• New season of Friday Flicks at The Varsity begins Jan. 18 with ‘Selma’

    January 08, 2019
    After a successful fall and holiday Friday night movie run, The Varsity is ready to resume Friday Flicks on Jan. 18. Films in the Friday Flicks group are mainstream movies, from classic black-and-white to more recent blockbusters.

    All showings begin at 7. Tickets are $7 or $5 for students. They are available in advance at thevarsitycenter.eventbrite.com and at the venue when doors open; they are not available in advance at the venue. Doors and bar open at 6:30.

    Those who are unable to reach The Balcony, where Friday Flicks are shown, will be admitted free and invited to watch the movie on a 60-inch HDTV in the Varsity Bar.

    Here’s the lineup through February; synopsis are from rottentomatoes.com:

    “Selma,” Jan. 18: The 2015 film chronicles the tumultuous three-month period in 1965, when Dr. Martin Luther King Jr. (portrayed by David Oyelowo) led a dangerous campaign to secure equal voting rights in the face of violent opposition. The epic march from Selma to Montgomery, Alabama, culminated in President Lyndon Johnson (Tom Wilkinson) signing the Voting Rights Act of 1965, one of the most significant victories for the civil rights movement. (Rated PG-13 for disturbing thematic material including violence, a suggestive moment, and brief strong language.)

    “Labyrinth,” Jan 25: Teenager Sarah is forced by her father and her stepmother to babysit her baby brother, Toby. Toby won’t stop crying and Sarah wishes her brother would be taken by the Goblin King. Out of the blue, Toby stops crying and when Sarah looks for him in the cradle, she learns that her wish was granted, and the Goblin King, Jareth, has taken him to his castle in Goblin City in the middle of a labyrinth. Soon, Sarah teams up with the coward goblin Hoggle, the beast Ludo, the knight Didymus and his dog, Ambrosius, in her journey to rescue Toby. The 1986 film was directed by Jim Henson and stars David Bowie and Jennifer Connelly. (PG)

    “Groundhog Day,” Feb 1: Back at The Varsity for the second time, 1993’s “Groundhog Day” stars Bill Murray as Phil, a TV weatherman working for a local station in Pennsylvania but convinced that national news stardom is in his grasp. Phil displays a charm and wit on camera that evaporates the moment the red light goes off; he is bitter, appallingly self-centered, and treats his co-workers with contempt, especially his producer Rita (Andie MacDowell) and cameraman Larry (Chris Elliot). On February 2, 1992, the team is sent on an assignment Phil loathes: the annual Groundhog Day festivities in Punxsutawney, Pennsylvania, where the groundhog determines the length of winter. A freak snowstorm strands Phil in Punxsutawney, and where every morning he wakes up, he seems to be living the same day over again. The more Phil relives the same day, the more he's forced to look at other people's lives, and something unusual happens: he begins to care. (PG for some thematic elements)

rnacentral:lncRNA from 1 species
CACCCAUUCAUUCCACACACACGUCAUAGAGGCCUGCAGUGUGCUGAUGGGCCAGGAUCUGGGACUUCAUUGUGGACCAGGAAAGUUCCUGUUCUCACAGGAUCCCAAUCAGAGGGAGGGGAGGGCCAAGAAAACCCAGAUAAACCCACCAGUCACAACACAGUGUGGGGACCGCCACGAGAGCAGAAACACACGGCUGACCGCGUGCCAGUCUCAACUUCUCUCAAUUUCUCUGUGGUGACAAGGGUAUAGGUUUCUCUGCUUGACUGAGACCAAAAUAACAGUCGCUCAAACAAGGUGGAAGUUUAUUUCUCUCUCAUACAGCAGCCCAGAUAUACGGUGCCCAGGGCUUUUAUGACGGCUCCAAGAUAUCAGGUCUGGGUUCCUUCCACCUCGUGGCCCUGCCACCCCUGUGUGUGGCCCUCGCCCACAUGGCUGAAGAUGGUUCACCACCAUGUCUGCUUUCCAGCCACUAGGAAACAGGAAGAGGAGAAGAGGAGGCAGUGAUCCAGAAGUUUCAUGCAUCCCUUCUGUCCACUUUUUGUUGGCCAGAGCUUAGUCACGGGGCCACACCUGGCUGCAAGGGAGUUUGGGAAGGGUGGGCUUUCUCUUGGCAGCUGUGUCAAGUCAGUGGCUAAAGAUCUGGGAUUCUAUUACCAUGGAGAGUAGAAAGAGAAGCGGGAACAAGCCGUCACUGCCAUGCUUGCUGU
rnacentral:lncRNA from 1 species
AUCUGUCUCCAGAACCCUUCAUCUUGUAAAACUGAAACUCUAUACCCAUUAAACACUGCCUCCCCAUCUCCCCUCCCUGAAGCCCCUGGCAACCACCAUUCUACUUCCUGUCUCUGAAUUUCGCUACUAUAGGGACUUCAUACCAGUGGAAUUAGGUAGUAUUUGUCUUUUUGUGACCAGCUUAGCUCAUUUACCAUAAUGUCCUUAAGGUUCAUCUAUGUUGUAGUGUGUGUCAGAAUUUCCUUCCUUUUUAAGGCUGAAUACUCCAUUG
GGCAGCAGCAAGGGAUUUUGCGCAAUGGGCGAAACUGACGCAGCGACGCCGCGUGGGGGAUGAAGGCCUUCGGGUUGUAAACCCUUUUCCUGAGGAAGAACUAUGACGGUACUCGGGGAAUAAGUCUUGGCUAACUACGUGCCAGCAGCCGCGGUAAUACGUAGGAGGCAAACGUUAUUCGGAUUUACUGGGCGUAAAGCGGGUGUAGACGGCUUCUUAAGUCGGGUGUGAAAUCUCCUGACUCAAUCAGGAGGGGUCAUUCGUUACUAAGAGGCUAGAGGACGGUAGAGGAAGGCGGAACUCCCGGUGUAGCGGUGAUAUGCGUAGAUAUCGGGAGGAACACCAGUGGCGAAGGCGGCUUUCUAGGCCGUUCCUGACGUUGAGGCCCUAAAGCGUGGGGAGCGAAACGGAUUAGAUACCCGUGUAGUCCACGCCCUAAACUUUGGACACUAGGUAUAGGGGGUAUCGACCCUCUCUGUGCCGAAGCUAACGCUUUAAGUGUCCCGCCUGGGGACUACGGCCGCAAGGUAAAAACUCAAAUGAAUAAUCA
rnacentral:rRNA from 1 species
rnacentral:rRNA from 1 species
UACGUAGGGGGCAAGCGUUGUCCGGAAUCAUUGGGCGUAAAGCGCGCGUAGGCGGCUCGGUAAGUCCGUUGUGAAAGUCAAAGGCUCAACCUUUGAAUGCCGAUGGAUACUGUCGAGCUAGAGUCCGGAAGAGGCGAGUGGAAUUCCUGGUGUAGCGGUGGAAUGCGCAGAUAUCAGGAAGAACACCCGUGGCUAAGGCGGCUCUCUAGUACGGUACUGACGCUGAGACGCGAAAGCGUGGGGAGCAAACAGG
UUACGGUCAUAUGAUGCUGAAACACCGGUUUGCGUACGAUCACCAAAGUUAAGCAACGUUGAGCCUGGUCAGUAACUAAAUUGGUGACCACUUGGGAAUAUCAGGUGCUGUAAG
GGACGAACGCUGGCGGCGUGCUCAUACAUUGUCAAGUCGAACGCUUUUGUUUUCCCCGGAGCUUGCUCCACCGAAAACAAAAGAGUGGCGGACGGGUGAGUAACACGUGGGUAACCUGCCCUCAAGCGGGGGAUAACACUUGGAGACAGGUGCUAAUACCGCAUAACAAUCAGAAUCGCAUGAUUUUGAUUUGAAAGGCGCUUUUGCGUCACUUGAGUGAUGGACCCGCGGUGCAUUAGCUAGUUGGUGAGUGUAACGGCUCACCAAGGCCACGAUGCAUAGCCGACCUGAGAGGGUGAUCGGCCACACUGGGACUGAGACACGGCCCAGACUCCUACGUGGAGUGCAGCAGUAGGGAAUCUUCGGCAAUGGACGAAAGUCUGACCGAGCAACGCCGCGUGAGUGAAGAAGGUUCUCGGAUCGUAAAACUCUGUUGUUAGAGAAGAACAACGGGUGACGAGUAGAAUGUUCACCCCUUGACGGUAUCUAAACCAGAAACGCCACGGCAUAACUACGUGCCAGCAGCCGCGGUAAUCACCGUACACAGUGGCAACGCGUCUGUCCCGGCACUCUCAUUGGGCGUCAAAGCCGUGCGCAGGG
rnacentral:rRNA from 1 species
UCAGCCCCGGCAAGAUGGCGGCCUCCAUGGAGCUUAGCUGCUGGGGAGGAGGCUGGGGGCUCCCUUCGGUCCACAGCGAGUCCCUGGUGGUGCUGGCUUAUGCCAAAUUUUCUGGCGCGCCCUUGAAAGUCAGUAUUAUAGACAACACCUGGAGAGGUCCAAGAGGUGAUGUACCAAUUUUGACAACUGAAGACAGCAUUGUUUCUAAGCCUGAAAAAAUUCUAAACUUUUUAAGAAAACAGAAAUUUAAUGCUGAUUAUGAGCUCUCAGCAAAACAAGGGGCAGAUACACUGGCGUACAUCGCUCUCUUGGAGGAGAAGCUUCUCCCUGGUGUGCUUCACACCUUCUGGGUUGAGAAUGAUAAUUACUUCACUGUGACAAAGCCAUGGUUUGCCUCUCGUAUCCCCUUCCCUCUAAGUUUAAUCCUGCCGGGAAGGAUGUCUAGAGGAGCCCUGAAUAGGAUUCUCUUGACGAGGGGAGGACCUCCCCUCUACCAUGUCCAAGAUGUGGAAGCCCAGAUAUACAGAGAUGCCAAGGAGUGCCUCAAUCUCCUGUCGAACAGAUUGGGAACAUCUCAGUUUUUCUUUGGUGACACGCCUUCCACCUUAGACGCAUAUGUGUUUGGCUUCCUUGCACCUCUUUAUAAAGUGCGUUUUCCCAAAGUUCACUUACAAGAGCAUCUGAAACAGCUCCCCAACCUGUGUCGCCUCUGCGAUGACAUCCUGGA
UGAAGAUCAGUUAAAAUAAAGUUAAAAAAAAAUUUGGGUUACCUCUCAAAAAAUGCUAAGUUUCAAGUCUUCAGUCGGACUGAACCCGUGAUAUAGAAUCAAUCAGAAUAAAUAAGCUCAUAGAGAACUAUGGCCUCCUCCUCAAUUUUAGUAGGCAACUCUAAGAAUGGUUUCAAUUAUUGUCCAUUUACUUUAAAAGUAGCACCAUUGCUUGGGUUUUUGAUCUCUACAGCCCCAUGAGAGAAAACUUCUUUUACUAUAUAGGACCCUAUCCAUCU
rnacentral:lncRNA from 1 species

“Butch Cassidy and the Sundance Kid,” Feb. 8: George Roy Hill’s 1969 Western chronicles the mostly true tale of the Hole in the Wall Gang’s last months. Witty pals Butch (Paul Newman) and Sundance (Robert Redford) join the gang in successfully robbing yet another train with their trademark non-lethal style. After the pair rests at the home of Sundance's schoolmarm girlfriend, Etta (Katharine Ross), the Gang robs the same train, but this time, the railroad boss has hired the best trackers in the business to foil the crime. After being tailed over rocks and a river gorge, Butch and Sundance decide that maybe it's time to try their luck in Bolivia. Taking Etta with them, they live high on ill-gotten Bolivian gains, but Etta leaves after their white-hatted nemesis portentously arrives. Their luck running out, Butch and Sundance hole up in a barn surrounded by scores of Bolivian soldiers waiting for the pair to make one last run for it. (PG)

    “Some Like It Hot,” Feb. 15: Two Struggling musicians witness the St. Valentine's Day Massacre and are now on the run from the mob. Jerry and Joe cross-dress into an all-female band. In addition to hiding, each has his own problems; one falls for another band member but can't tell her his gender, and the other has a rich suitor who will not take "no" for an answer. The classic, black-and-white, John Huston-directed film stars Tony Curtis, Jack Lemmon and Marilyn Monroe. (G)

    Big Muddy Film Festival, Feb. 18-24: The Varsity will be the main venue for screening festival movies or shorts, and will feature an event every night of the festival except Saturday. The opening reception and film will be at 6 p.m. Monday, Feb. 18. Other screenings include “Afterward,” a timely and fearless personal documentary, in which director Ofra Bloch attempts to live with the truths of history in order to make sense of the present. (7 p.m. Tuesday, Feb. 19) For festival films, screening locations and times and synopses of the festival films, go to bigmuddyfilm.com.